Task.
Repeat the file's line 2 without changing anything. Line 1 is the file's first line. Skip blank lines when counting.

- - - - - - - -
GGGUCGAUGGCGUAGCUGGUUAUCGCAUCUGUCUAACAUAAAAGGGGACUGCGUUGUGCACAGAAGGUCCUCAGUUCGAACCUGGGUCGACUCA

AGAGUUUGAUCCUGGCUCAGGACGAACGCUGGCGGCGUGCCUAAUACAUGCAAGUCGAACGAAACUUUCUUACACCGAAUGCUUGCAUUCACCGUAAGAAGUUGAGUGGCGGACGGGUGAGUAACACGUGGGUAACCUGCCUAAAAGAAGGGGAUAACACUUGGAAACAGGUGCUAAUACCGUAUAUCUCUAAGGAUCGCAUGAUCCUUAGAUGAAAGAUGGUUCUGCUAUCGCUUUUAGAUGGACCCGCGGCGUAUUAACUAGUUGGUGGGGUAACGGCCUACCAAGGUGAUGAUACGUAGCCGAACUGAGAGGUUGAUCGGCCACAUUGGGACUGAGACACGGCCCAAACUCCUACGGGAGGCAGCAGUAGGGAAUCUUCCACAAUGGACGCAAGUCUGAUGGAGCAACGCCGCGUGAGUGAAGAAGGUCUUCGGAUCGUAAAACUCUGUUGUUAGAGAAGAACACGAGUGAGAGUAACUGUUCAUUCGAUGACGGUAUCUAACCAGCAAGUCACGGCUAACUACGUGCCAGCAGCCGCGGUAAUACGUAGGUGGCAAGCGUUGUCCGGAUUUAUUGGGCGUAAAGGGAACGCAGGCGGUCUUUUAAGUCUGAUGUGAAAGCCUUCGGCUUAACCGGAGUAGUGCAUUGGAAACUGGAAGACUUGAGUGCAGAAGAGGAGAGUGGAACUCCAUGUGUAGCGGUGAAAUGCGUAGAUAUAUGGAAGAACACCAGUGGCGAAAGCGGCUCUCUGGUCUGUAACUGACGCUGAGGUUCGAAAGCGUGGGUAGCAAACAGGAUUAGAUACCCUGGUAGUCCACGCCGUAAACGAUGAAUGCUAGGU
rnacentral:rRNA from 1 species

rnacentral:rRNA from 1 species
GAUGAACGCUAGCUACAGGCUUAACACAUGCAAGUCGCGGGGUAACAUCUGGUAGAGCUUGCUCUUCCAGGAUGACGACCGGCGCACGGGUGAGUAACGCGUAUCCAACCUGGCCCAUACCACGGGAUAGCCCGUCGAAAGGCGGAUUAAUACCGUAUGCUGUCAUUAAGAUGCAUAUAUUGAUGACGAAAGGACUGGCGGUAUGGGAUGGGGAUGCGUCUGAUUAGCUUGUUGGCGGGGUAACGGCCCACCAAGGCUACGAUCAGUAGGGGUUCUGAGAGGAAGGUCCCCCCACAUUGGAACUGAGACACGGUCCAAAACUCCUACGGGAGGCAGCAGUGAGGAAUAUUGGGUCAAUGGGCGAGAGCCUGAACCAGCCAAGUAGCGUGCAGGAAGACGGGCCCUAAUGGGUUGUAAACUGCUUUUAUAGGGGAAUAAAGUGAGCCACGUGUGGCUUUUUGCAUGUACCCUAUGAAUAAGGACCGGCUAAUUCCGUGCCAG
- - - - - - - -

AGAGUUUGAUCCUGGCUCAGGACGAACGCUGGCGGCGUGCCUAAUACAUGCAAGUCGAACGAAACUUUCUUACACCGAAUGCUUGCAUUCACCGUAAGAAGUUGAGUGGCGGACGGGUGAGUAACACGUGGGUAACCUGCCUAAAAGAAGGGGAUAACACUUGGAAACAGGUGCUAAUACCGUAUAUCUCUAAGGAUCGCAUGAUCCUUAGAUGAAAGAUGGUUCUGCUAUCGCUUUUAGAUGGACCCGCGGCGUAUUAACUAGUUGGUGGGGUAACGGCCUACCAAGGUGAUGAUACGUAGCCGAACUGAGAGGUUGAUCGGCCACAUUGGGACUGAGACACGGCCCAAACUCCUACGGGAGGCAGCAGUAGGGAAUCUUCCACAAUGGACGCAAGUCUGAUGGAGCAACGCCGCGUGAGUGAAGAAGGUCUUCGGAUCGUAAAACUCUGUUGUUAGAGAAGAACACGAGUGAGAGUAACUGUUCAUUCGAUGACGGUAUCUAACCAGCAAGUCACGGCUAACUACGUGCCAGCAGCCGCGGUAAUACGUAGGUGGCAAGCGUUGUCCGGAUUUAUUGGGCGUAAAGGGAACGCAGGCGGUCUUUUAAGUCUGAUGUGAAAGCCUUCGGCUUAACCGGAGUAGUGCAUUGGAAACUGGAAGACUUGAGUGCAGAAGAGGAGAGUGGAACUCCAUGUGUAGCGGUGAAAUGCGUAGAUAUAUGGAAGAACACCAGUGGCGAAAGCGGCUCUCUGGUCUGUAACUGACGCUGAGGUUCGAAAGCGUGGGUAGCAAACAGGAUUAGAUACCCUGGUAGUCCACGCCGUAAACGAUGAAUGCUAGGU